Ganapatia Pillai, J.
1. This revision is directed against the concurrent order of the appellate authority and the Rent Controller, Madras, whereby they granted an order of eviction against the petitioner-tenant who is carrying on a potato trade in Malayaperumal Street in premises which belong to the respondent. The respondent himself is a businessman carrying on the business of printer and publisher of text-books and other periodicals. The grounds for eviction were two: (1) that the tenant had sub-let a portion of the building for vegetable sellers at a certain rent per diem and (2) that the landlord himself did not possess a non-residential building in Madras for carrying on his business. On the first point it was found by the Rent Controller that a pial in the building was being let out by the tenant to an onion merchant for vending onions in baskets. It is clear from the facts proved in the case that this would not amount to sub-letting as there was neither exclusive occupation of the portion by the sub-tenant nor any ouster of the tenant himself of the occupation of that portion. A Bench of this Court consisting of Rajamannar, C.J. and Krishna-swami Nayudu, J., in Adimoola Nadar V. Ranganathan (1949) 3 M.L.J.32 ruled that where a tenant allowed a vegetable merchant to keep baskets of vegetables in a room in the premises on payment of a small fee for each basket there was no sub-letting of the premises or any portion thereof. That principle would apply here and therefore both the lower Courts were wrong in holding that there was sub-letting of a portion of the premises to an onion merchant who was allowed to sell onions from a portion of the building on a daily rent of eight annas.
2. But on the second ground I am unable to agree with Mr. Venkatarama Iyer's persistent argument that the lower Courts were wrong. It will be seen from the record that on the date when the application for eviction was filed admittedly the respondent was not the owner of any business premises in Madras City. It is alleged that he had entered into an agreement for purchasing the building in which he is now carrying on his business of printer and publisher at the time when he filed the application for eviction. The date when he filed the application for eviction was 21st November, 1960. The date of agreement of purchase was nth October, 1960. The sale deed Was actually obtained on 26th November, 1960. The order of eviction was passed sometime after 26th November, 1960. Mr. Venkatarama Iyer's contention is that before the Controller could order eviction of a tenant at the instance of a landlord, who alleged that he did not own any non-residential building of his own in the City of Madras for carrying on his business, the Controller ought to have been satisfied on the date when he passed the order of eviction that that condition was continued to be fulfilled by the petitioner. The point is not covered by any specific provision in the Madras Buildings (Lease and Rent Control) Act. The section merely speaks of a right of a landlord to apply for eviction on this ground and in defining this right it merely reads as though he was entitled to this right provided he did not own a building of his own on the date when he applied to the Controller for eviction. The requirement as to bona fides,--Mr. Venkatarama Iyer's contention was--implied that this condition must continue to exist right down to the date when the order of eviction was passed. I am free to confess that there is some force in the contention of Mr. Venkatarama Iyer, though I am unable to find any authority for it in the language of the enactment. In this case I am not called upon to give a decided opinion on the point because even while the application for eviction was pending, an order for eviction against the landlord with reference to the opposite house which he was using as a godown for his business had been passed. It meant that the premises which the landlord was using for the purpose pf his business included both the premises which he purchased on 26th November, 1960 and the opposite building which he was using as a godown. Certainly if the subsequent event like the acquisition of a building on 26th November, 1960 should be taken into account by the Controller in deciding whether an order of eviction should be made under Section 10(3)(a)(iii), the fact that the landlord himself was evicted from a godown which he was occupying for his business purposes should also be taken into account. Mr. Venkatarama Iyer contended that in such a case the right to file an application for eviction would not fall under Section 10(3)(a)(iii) but would fall under another provision of the Act, namely, Section 10(3)(c). This contention was not pressed before or mentioned to either of the lower Courts and therefore I did not permit Mr. Venkatarama Iyer to raise this contention. I find nothing illegal or unjust in the orders of the lower Court.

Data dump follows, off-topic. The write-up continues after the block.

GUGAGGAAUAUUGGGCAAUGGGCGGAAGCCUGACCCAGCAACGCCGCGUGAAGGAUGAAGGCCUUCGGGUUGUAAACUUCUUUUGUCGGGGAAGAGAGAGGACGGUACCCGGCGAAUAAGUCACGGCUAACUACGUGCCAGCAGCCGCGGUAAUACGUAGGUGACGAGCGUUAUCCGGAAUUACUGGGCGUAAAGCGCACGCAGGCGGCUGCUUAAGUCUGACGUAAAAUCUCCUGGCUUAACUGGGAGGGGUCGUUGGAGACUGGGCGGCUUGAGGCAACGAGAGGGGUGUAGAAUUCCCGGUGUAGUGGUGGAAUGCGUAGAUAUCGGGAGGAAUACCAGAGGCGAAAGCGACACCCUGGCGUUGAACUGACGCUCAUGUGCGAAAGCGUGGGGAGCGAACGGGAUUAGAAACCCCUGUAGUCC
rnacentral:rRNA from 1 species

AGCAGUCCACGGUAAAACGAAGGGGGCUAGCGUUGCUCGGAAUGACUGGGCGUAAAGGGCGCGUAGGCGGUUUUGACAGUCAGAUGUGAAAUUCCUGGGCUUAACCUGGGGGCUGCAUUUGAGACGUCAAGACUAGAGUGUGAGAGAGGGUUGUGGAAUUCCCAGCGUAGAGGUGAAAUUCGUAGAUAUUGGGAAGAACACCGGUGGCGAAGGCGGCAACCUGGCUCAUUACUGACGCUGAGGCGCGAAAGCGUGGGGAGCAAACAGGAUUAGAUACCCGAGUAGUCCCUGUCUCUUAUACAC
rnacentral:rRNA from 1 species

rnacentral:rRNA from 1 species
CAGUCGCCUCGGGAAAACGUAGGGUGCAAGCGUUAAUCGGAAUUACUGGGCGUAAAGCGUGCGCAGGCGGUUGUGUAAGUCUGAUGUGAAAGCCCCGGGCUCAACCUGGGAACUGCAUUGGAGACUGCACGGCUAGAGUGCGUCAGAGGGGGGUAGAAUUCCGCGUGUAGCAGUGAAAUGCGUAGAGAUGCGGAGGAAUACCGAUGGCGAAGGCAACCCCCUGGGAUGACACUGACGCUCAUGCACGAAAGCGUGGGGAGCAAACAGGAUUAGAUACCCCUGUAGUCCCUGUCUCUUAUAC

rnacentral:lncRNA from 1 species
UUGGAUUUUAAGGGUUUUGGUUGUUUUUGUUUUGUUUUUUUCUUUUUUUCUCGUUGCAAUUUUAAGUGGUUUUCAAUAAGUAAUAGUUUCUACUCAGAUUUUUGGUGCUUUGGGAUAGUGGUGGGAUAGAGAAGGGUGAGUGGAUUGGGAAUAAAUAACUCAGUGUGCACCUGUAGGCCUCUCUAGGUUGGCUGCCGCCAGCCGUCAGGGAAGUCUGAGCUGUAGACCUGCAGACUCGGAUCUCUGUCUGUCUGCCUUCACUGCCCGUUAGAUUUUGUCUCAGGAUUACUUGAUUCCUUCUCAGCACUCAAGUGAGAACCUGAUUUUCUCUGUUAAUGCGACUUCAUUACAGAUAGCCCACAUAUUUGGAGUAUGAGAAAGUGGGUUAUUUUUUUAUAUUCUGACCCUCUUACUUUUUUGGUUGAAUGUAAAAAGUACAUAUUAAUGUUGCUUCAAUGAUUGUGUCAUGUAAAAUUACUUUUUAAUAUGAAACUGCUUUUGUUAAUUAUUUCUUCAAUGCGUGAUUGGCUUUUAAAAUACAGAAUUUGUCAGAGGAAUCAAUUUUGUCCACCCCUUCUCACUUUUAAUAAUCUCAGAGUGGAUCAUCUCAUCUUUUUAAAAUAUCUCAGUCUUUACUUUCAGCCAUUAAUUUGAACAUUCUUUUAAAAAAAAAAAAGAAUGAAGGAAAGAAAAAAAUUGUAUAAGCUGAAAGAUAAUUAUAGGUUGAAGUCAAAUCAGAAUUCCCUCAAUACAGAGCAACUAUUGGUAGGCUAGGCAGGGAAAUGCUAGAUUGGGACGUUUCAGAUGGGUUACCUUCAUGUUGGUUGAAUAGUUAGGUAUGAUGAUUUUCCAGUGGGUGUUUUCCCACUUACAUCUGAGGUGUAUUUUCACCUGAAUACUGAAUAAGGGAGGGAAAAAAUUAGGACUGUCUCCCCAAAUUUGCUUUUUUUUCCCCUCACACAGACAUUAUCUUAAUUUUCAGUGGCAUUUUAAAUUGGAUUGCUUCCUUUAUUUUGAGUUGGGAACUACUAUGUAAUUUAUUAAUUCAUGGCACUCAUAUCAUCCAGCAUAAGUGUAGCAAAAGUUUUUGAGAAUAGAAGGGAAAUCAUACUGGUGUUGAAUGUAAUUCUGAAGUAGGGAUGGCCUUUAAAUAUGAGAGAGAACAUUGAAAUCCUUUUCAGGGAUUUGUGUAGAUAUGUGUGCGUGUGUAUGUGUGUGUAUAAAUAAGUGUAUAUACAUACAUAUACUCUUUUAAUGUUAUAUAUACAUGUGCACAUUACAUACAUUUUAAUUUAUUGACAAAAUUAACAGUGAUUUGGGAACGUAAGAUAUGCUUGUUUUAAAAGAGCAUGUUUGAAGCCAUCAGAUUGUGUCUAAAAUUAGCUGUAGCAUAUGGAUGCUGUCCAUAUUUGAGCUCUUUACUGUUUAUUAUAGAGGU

3. The Revision Petition is dismissed. No costs. The petitioner will have four month time from to-day to vacate the premises.